However, yesterday I came across an abuse of this process, one which, unless the authenticators find a solution for could destroy all confidence in this system. I wanted to post a comment to cnet, a site that’s been around as long as I’ve been using the internet, but they required an account to comment.

I was glad though that I saw they allowed sign in through Google, Yahoo or Facebook (no plain OpenId option). So I clicked the Google button and the following screen popped up.


So to sign into the website to COMMENT, I was required to give them access to all my google contacts – email addresses, phone numbers, actual addresses of my friends! Wow! That’s about the most evil thing I’ve ever heard.

Now in cnet’s defence, there might have been a legitimate use for this information in another part of their site – which I didn’t want to use. And although I’m not an expert in google accounts, I’ve never seen “Optional Permissions” where the site says, I require this, and if you want giving me this other information you can do more.

And even if Optional Permissions exist and cnet refused to use them, why should they have the power? Google could force certain information, like Google contacts, to be optional. And to protect further from people who deny on their side if you don’t give them that data, Google could have a “Fake it” option. I would think that not knowing if the data was accurate would be a good  deterrent against requesting such data unless it actually did benefit the end user.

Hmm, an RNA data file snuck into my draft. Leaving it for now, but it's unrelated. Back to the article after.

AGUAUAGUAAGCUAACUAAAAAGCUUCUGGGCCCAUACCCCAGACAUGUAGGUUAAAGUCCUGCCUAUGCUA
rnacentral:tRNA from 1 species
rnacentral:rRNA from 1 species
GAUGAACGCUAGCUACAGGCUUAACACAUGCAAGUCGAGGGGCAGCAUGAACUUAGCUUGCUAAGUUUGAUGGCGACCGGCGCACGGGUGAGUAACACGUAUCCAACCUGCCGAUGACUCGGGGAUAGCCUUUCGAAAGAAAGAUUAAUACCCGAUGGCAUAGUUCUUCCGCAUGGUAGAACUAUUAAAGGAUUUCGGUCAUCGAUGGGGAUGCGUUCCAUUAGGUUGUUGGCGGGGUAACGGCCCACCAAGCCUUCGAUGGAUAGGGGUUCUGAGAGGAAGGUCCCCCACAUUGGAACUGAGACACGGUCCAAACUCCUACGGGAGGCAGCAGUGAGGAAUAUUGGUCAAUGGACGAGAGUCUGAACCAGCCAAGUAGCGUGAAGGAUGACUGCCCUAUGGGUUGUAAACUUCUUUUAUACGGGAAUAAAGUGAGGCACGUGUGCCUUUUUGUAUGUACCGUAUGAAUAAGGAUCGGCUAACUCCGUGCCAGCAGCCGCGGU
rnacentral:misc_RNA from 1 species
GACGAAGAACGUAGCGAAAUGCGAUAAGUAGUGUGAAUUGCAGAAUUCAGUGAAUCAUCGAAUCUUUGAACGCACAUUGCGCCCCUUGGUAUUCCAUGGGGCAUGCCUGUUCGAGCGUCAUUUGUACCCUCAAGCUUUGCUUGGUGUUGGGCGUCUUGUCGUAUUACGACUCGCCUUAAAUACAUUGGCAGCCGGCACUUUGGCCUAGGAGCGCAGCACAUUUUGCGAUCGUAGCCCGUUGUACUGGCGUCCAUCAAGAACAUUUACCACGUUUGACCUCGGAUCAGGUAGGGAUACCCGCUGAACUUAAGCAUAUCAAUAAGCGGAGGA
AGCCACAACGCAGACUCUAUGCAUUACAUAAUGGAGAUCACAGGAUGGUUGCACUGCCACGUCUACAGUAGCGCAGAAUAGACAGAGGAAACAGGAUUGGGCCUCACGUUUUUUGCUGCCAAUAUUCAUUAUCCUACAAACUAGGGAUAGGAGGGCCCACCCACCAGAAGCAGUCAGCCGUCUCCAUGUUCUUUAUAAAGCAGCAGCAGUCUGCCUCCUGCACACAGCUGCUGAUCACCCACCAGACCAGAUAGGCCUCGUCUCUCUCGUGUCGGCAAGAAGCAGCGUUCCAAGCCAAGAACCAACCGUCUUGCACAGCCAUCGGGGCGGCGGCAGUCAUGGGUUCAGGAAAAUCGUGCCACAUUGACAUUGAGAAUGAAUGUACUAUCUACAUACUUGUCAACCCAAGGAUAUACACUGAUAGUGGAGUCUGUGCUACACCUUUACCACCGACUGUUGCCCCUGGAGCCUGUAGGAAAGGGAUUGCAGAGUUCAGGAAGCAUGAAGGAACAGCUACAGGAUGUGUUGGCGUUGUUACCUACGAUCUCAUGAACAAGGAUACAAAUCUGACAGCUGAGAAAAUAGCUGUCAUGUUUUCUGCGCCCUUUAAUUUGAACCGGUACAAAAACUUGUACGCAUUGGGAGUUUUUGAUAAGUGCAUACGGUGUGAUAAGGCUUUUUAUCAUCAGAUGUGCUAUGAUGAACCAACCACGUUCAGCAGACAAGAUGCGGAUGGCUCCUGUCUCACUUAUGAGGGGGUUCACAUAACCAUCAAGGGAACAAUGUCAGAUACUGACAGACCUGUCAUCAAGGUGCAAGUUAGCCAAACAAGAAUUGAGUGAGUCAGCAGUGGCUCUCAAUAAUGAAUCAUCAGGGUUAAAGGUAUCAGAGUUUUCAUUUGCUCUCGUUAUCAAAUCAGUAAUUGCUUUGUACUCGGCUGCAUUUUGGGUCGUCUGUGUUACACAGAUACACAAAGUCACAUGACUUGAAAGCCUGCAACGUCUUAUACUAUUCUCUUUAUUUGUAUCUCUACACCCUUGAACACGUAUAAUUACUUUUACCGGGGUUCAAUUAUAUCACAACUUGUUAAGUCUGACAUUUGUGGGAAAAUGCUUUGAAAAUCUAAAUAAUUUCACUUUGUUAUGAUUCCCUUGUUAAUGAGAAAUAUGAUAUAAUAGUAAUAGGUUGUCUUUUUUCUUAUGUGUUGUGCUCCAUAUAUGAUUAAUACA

The cnet team got in touch with me, informing me that this has now been changed (you can read their response in the comments)

It’s great that cnet was willing to fix this so quickly, but I think the fact that Google lets this be possible is a huge problem. To share your details with a site is one thing, to share other people’s details is another. Google needs to change this so the danger is absolutely clear and to make sure no site can force a user to give away this data.

Windows Phone Mango Beta impressions

I’ve had the mango beta on my phone for a few days now and here’s my impressions.

What to love:

  • Multitasking – integrated well, fast and it’s not the stupid Android design that has the potential to kill your battery life.
  • Conversations in the mail client – Very gmail-ish. If I could archive from the client it would be perfect.
  • Facebook chat – Treated as a First class citizen. Given absolute equality as SMS, from what I’ve seen of Android’s, Mango’s puts it to shame.
  • Internet Explorer 9 – Fast, renders better but I don’t like the new UI. Too stream lined. so you don’t get fast enough access to tabs or favourites. Before they had buttons on the page, now you have to click expand and choose them from a list.